Eastern Townships, Montréal, Montérégie

Memory Lane

Historically, the southwest of Quebec (including Montreal)  was an important route for nomadic Indigenous people. Today, Mohawks are the guardians and guides of this important part of Indigenous history. When settlers in then-New France first encountered  those living where they sought to explore, the European newcomers referred to them as “Mohawks.” Today, the Mohawk and Huron-Wendat Nations are the keepers of the Iroquois language in Quebec. South of the Iroquoian village of Hochelaga (where Montreal was later founded), the Montérégie and Cantons-de-l’Est regions were important transit and trade areas. Today, three Mohawk communities still honour their Iroquois identity by way of traditional celebrations, such as annual Pow Wows and land and water ceremonies. Akwesasne, Kahnawake, and Kanesatake are the go-to villages for discovering the beauty and vitality of Mohawk culture. Mohawks are the second-largest Indigenous nations in Quebec.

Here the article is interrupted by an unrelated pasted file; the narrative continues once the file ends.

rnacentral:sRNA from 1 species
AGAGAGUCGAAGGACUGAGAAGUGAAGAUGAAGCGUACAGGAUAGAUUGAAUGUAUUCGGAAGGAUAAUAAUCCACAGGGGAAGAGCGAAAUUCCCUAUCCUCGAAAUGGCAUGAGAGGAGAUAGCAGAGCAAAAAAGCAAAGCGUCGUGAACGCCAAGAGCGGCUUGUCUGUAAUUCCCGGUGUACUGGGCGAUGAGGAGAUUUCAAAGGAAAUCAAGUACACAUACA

Discover the members

Communities

Akwesasne

Fondée au milieu du 18e siècle par des familles mohawks, cette large communauté de 14 000 personnes vit à cheval sur la limite de l’Ontario et l’État de New York en Montérégie. La communauté à la riche histoire a été pionnière en fondant le premier système juridique autochtone.

Kahnawake

La communauté mohawk Kahnawake, qui signifie place of rapids est située sur la Rive-Sud du fleuve Saint-Laurent. Elle comprend trois lieux historiques nationaux du Canada et les deux langues parlées sont l’anglais et le mohawk.

Kanesatake

À la confluence de la rivière des Outaouais et du lac Deux-Montagnes, enclavé dans la ville d’Oka, se trouve la petite communauté mohawk Kanesatake. Elle est composée de plus de 2000 personnes, dont 1350 sur la communauté.